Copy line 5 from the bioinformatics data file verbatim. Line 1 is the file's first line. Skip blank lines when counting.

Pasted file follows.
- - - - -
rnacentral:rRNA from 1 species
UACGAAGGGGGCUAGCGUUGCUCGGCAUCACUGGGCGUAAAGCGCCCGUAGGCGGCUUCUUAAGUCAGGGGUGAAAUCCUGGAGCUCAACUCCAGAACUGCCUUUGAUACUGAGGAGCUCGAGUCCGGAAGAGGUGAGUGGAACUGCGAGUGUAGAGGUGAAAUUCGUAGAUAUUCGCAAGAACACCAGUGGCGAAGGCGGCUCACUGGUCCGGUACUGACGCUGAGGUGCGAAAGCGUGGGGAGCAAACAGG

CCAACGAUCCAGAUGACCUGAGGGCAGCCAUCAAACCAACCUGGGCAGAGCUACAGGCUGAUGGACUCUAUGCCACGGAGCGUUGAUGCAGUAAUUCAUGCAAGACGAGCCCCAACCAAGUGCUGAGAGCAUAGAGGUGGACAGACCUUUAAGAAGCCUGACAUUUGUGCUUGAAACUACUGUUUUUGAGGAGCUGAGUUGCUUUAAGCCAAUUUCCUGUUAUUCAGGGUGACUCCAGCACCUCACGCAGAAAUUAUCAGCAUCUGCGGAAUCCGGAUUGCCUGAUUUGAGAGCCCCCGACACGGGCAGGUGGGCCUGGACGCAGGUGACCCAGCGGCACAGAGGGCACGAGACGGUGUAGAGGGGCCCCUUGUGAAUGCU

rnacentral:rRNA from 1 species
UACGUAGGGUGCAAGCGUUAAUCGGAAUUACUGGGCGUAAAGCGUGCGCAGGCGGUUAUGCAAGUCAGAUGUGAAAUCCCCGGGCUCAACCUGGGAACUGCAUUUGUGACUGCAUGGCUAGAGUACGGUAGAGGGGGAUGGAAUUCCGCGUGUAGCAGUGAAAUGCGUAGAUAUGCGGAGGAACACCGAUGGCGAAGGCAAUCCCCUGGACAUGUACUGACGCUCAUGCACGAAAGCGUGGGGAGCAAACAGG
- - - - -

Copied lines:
UACGUAGGGUGCAAGCGUUAAUCGGAAUUACUGGGCGUAAAGCGUGCGCAGGCGGUUAUGCAAGUCAGAUGUGAAAUCCCCGGGCUCAACCUGGGAACUGCAUUUGUGACUGCAUGGCUAGAGUACGGUAGAGGGGGAUGGAAUUCCGCGUGUAGCAGUGAAAUGCGUAGAUAUGCGGAGGAACACCGAUGGCGAAGGCAAUCCCCUGGACAUGUACUGACGCUCAUGCACGAAAGCGUGGGGAGCAAACAGG